Two weeks ago on Instagram, Dana Chanel shared an image of belittling signs that often fill the windows of local beauty supply shops where many women of color have to go — despite the disrespect — because of the limited availability of products for them elsewhere. The post announced the launch of her online shop that gives women of color a space to purchase the products they want while supporting black business.
Chanel founded Curl Bible, a black and Hispanic-owned online beauty supply shop that brings both well-known and smaller indie brands to consumers looking for a safe space to purchase their products. The site got up and running in just six months. The store houses popular brands such as Shea Moisture and As I Am, but provides opportunities for smaller brands as well.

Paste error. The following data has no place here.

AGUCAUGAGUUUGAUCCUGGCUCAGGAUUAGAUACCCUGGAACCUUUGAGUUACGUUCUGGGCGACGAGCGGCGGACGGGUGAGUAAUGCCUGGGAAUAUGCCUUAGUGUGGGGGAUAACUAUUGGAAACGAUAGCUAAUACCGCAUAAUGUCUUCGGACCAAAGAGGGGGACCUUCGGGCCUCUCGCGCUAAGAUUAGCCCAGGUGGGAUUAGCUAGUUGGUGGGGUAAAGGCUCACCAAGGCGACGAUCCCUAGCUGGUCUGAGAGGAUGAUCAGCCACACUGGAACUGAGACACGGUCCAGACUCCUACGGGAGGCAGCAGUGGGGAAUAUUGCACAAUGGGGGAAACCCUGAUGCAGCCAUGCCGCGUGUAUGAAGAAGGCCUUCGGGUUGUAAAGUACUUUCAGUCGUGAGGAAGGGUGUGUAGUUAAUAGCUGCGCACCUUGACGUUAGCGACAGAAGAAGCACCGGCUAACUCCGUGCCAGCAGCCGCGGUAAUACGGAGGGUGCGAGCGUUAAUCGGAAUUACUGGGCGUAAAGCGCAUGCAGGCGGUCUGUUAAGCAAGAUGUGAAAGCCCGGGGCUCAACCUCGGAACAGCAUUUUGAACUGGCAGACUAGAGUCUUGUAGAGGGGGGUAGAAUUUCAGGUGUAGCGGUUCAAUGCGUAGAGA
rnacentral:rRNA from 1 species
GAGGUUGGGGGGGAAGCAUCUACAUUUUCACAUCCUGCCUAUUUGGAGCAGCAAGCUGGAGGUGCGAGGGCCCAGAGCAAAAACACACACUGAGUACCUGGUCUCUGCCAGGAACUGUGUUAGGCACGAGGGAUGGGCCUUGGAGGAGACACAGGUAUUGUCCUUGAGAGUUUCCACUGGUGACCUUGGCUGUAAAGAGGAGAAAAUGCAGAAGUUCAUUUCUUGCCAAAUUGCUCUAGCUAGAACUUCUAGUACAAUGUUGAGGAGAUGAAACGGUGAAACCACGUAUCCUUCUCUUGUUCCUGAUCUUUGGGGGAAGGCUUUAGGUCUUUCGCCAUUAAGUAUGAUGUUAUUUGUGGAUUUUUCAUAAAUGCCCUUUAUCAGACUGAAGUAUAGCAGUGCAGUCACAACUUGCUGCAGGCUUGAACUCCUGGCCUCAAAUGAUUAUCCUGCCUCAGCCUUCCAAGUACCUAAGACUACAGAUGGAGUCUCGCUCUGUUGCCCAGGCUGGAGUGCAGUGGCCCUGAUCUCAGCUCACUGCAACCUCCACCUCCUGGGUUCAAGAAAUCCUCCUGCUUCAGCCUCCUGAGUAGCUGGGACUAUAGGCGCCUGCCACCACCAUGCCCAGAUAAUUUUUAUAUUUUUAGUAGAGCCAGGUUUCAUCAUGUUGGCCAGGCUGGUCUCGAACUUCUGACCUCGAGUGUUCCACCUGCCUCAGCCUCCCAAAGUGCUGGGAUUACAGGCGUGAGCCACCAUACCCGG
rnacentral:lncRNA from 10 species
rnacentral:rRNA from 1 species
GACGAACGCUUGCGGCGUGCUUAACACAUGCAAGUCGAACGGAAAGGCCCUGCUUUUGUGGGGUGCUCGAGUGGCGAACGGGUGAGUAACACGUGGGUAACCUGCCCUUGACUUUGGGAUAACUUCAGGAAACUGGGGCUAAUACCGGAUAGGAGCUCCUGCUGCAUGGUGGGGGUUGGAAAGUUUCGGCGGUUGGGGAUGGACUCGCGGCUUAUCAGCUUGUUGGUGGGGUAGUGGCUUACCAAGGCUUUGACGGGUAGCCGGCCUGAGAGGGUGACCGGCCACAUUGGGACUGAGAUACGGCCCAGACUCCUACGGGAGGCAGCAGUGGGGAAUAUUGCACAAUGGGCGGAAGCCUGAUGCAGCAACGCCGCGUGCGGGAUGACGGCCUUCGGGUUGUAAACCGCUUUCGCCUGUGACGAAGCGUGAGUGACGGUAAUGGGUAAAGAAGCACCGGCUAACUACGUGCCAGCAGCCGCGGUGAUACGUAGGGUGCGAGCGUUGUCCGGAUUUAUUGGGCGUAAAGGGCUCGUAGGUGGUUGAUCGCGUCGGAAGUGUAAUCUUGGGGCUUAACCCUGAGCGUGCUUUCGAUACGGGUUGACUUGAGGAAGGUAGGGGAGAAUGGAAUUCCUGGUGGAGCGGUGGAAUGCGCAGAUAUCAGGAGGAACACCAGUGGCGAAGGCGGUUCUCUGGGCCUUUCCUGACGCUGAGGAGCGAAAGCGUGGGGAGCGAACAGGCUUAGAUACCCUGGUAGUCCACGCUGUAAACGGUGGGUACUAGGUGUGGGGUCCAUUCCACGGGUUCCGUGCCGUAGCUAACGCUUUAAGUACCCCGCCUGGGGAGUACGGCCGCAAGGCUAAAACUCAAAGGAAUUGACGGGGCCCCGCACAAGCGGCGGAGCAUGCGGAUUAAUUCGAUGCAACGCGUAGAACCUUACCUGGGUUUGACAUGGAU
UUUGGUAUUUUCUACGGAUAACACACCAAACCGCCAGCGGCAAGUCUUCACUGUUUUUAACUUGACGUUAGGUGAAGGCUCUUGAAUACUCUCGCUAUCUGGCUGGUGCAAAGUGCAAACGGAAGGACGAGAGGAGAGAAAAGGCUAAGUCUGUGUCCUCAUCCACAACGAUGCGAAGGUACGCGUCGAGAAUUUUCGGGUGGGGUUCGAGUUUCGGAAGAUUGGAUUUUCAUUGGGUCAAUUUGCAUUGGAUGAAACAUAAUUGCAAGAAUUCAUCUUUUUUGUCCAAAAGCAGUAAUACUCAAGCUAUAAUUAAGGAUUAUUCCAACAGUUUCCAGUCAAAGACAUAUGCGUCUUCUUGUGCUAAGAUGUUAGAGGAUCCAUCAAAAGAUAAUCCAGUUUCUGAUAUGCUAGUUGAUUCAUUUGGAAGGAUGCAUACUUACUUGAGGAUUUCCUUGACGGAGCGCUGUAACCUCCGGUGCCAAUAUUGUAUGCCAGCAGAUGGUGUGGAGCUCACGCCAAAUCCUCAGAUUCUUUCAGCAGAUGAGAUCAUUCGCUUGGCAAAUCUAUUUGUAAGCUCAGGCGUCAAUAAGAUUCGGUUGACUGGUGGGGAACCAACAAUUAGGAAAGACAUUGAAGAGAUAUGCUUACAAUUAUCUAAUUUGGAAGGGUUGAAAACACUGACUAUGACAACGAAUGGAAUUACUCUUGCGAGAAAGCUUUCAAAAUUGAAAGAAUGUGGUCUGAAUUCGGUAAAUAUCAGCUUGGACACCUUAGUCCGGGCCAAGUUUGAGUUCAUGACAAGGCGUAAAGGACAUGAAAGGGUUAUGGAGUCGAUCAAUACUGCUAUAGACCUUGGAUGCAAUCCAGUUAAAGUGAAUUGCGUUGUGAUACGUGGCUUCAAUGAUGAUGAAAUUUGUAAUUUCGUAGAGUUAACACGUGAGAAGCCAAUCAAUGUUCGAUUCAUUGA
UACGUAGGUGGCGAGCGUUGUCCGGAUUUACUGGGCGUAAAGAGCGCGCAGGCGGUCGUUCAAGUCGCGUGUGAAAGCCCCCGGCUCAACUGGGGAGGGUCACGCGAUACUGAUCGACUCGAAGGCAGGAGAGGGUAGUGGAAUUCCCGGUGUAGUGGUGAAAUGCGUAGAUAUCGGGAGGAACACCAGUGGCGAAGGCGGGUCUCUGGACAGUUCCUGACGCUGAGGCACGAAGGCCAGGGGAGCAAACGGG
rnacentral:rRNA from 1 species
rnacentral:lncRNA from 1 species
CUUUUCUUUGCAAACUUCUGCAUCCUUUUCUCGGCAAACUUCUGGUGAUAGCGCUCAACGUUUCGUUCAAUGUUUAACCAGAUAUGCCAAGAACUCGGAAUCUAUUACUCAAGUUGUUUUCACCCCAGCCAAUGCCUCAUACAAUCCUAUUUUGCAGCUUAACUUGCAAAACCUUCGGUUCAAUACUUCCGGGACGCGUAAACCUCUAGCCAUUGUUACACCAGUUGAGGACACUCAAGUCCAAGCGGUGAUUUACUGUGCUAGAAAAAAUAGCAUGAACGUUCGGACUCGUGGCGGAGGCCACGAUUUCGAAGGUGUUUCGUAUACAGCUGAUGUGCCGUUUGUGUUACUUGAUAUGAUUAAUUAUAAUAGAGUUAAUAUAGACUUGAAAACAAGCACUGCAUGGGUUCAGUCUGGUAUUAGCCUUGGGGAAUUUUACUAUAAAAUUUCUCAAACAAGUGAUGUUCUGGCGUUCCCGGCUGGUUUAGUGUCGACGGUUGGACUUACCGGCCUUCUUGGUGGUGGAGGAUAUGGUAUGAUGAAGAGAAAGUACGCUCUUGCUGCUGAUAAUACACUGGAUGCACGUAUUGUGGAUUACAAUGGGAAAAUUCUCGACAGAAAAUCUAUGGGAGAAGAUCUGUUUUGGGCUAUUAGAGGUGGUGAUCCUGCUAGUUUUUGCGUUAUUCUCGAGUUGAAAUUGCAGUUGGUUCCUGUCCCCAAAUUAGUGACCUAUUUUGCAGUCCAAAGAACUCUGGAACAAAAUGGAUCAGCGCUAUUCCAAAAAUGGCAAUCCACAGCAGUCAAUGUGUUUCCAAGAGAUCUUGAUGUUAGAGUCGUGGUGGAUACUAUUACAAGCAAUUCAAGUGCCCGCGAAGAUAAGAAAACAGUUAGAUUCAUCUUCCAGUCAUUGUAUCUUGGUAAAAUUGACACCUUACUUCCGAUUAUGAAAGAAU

On Curl Bible’s home page, the phrase “We don’t just empower women, we provide them with opportunity!” is scrawled along the top of the page, and through the positive shopping experience, ease of use and its influencer program, it’s clear that this mission is true.
Chanel told Yahoo Lifestyle that after watching an Instagram Live with beauty influencers discussing being paid little to nothing by brands for promoting their products she decided to create the Curly Queen Influencer program that lets influencers earn a 25 percent commission off of everything they sell.
Curl Bible interacts with users through tutorials, notifications and more, making the virtual beauty supply store experience authentic and welcoming for consumers who aren’t getting that experience or access at their local beauty supplies.